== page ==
BY JAMES MACKENZIE
We’re often told that our state is sharply divided, yet there are many things we North Carolinians seem to agree about. And high on the list are romantic reminders of home: barbecue, sweet tea and James Taylor.
Meanwhile, we do love our music, and we can prove it. But “The Old North State” has been North Carolina’s official song since 1927. Isn’t it time we designated a more modern tune? Not throw away our existing state song, mind you, but add to the mix by giving it a rock ’n’ roll buddy.
James Taylor’s “Carolina in my Mind” has been called North Carolina’s “unofficial song,” with good reason. It casts a spell: You can’t hear its lyrics without being magically transported here, no matter where you are.
Dozens of famous musicians have covered the song, which continues to be lovingly sung at homecomings, football games and sundry other events in venues from the mountains to the coast. (Sometimes it’s even misappropriated by South Carolina, which makes it even more important that we finally bring it home, where it belongs.)
Our state seal bears the motto “Esse quam videri,” a Latin phrase meaning “to be, rather than to seem.” I interpret that as an imperative to be genuine — and nothing’s more authentic than this James Taylor tune.
So it’s time we came together and made “Carolina in my Mind” our state’s official rock song.
Why this song?
These days, you’re more likely to hear Taylor’s music played in the cereal aisle than on classic rock radio. But Taylor’s still a rocker through and through. In 2000, he was inducted into the both the Rock and Roll Hall of Fame and the Songwriters Hall of Fame.
James Taylor is Western North Carolina’s answer to the Sasquatch. There are many legends about his having visited Asheville in the early 1970s to convalesce, staying in one of our more famous mental hospitals, but no real proof or photographs have emerged. Just stories and lore.
The original version of “Carolina in my Mind” was recorded in 1968 for the Beatles’ Apple Records. Paul McCartney and George Harrison even joined in during the studio sessions. The version you’re probably more familiar with — the stripped down, no drums, acoustic rendition we all recognize — wasn’t created until 1976.
The beauty of this song lies in its simplicity. It compares a sunset to a burning sky, while the narrator is immersed in the homesick feelings Carolinians get whenever we’re away.
The lyrics tell us that Taylor was in a dark place. Even though he was signing a big record deal in London, he missed his boyhood home in North Carolina. And when you hear that unforgettable guitar opening, you know exactly what he was writing about:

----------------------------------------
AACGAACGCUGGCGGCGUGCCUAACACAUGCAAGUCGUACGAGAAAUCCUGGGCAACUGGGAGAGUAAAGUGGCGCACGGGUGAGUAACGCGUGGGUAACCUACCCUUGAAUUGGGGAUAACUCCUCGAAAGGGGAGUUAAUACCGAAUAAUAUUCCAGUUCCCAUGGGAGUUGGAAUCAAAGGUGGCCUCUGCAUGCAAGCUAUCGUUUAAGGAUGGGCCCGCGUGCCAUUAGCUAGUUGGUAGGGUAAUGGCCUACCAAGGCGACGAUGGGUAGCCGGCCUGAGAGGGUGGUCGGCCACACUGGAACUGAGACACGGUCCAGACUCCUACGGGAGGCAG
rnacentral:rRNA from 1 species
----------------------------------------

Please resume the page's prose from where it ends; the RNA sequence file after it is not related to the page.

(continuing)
Can’t you see the sunshine?
Can’t you just feel the moonshine?
Ain’t it just like a friend of mine
To hit me from behind?
That’s because we’ve all been there; we’ve seen the way the fog sets low over the Blue Ridge Parkway. This is our home, and this is our song.
Why James Taylor?
In the early 1970s, sandwiched between mind-expanding psychedelic rock and the nose-bleeding punk bands, there was this unassuming musical movement of singer-songwriters. They were quiet, introspective, writing their own tunes and playing their own instruments. In 1971, James Taylor’s stoic face was placed on the cover of Time magazine. He was the leader of a new musical revolution.
Kids were turning to nonelectrified instruments: banjos and acoustic guitars. Music stores were puzzled. What had happened to rock ’n’ roll?
After the eruption of the 1960s sound and politics, Taylor represented a return to basics. Tall yet rugged, cerebral, he carried a new philosophy: the back-to-the-Earth sound.
Granted, “Carolina in my Mind” is not as explosive as a flaming Fender set ablaze by Jimi Hendrix. It’s just truth and emotion:
A silver tear appearing now
I’m cryin’, ain’t I?
Gone to Carolina in my mind
Take action today
In 1985, Ohio became the first state to adopt an official rock song: The McCoys’ “Hang On Sloopy.” Some band members, including a young Rick Derringer, hailed from Ohio, and the group found popularity around Dayton. Later, their song became a crowd favorite when the Ohio State marching band played it during football games. That enthusiasm helped propel the tune all the way to the state’s General Assembly.
Another example is “Louie, Louie” by The Kingsmen, the eternal party rock anthem that’s now Oregon’s official rock song. Don’t be surprised that The Kingsmen are from Oregon.
So where is North Carolina’s official rock song? It’s staring us right in the face! This beloved tune was written and performed by a talent that was sharpened and informed by a childhood spent in North Carolina.
Who could say no to this? That old friend hitting us from behind? Isn’t it time we brought our old friend home?
Find your representatives in the N.C. House and Senate and tell them we need to make “Carolina in my Mind” our official state rock song.
Jim MacKenzie wants to know what book you’re reading, your favorite album, and to tell you he doesn’t own a cat.